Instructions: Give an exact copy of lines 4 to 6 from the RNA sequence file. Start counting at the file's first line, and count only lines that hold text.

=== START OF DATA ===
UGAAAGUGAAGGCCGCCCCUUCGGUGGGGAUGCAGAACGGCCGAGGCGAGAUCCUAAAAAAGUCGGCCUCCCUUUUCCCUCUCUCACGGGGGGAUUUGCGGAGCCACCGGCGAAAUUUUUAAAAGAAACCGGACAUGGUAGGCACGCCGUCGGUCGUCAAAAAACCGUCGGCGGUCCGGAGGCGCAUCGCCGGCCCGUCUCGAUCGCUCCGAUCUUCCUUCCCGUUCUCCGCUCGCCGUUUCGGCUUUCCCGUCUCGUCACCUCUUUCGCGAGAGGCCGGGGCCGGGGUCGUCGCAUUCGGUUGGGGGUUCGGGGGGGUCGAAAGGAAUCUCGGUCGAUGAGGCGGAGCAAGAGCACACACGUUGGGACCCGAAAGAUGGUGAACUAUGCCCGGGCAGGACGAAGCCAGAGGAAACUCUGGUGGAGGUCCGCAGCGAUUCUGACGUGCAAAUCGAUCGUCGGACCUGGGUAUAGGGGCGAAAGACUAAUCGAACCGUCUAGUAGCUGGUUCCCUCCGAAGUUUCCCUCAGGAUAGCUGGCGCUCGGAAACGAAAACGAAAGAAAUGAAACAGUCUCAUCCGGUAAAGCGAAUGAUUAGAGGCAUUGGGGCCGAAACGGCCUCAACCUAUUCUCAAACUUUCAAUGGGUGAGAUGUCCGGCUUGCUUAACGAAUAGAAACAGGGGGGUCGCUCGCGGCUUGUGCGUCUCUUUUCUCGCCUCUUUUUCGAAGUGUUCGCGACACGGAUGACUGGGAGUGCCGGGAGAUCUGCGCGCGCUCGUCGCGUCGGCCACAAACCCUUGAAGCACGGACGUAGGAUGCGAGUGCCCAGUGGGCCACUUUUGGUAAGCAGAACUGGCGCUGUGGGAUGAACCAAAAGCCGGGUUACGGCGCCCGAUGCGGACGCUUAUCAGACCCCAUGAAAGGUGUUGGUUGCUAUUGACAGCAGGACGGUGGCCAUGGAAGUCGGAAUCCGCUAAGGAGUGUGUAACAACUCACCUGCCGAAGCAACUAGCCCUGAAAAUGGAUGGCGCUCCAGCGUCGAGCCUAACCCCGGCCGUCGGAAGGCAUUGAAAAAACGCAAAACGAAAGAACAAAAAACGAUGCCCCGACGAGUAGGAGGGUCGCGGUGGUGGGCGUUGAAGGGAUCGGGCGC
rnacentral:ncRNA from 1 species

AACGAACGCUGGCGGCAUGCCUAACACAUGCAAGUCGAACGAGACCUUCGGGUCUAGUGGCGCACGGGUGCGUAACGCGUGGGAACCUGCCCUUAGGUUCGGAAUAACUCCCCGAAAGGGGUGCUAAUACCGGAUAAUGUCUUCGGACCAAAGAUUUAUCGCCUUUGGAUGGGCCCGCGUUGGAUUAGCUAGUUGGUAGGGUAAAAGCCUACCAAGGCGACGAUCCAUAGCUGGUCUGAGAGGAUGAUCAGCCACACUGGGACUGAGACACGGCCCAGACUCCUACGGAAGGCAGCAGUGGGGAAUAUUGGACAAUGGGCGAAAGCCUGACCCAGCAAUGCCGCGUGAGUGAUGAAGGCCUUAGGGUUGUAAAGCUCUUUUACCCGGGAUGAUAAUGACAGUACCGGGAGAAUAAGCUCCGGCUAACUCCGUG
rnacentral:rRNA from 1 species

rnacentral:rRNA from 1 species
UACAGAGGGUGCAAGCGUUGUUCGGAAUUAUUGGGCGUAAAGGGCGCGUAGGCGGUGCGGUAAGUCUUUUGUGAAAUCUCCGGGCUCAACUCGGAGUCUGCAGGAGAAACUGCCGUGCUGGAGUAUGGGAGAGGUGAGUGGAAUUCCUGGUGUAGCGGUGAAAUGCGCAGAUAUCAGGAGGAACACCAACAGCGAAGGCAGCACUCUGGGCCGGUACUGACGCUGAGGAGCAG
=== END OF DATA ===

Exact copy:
rnacentral:rRNA from 1 species

rnacentral:rRNA from 1 species
UACAGAGGGUGCAAGCGUUGUUCGGAAUUAUUGGGCGUAAAGGGCGCGUAGGCGGUGCGGUAAGUCUUUUGUGAAAUCUCCGGGCUCAACUCGGAGUCUGCAGGAGAAACUGCCGUGCUGGAGUAUGGGAGAGGUGAGUGGAAUUCCUGGUGUAGCGGUGAAAUGCGCAGAUAUCAGGAGGAACACCAACAGCGAAGGCAGCACUCUGGGCCGGUACUGACGCUGAGGAGCAG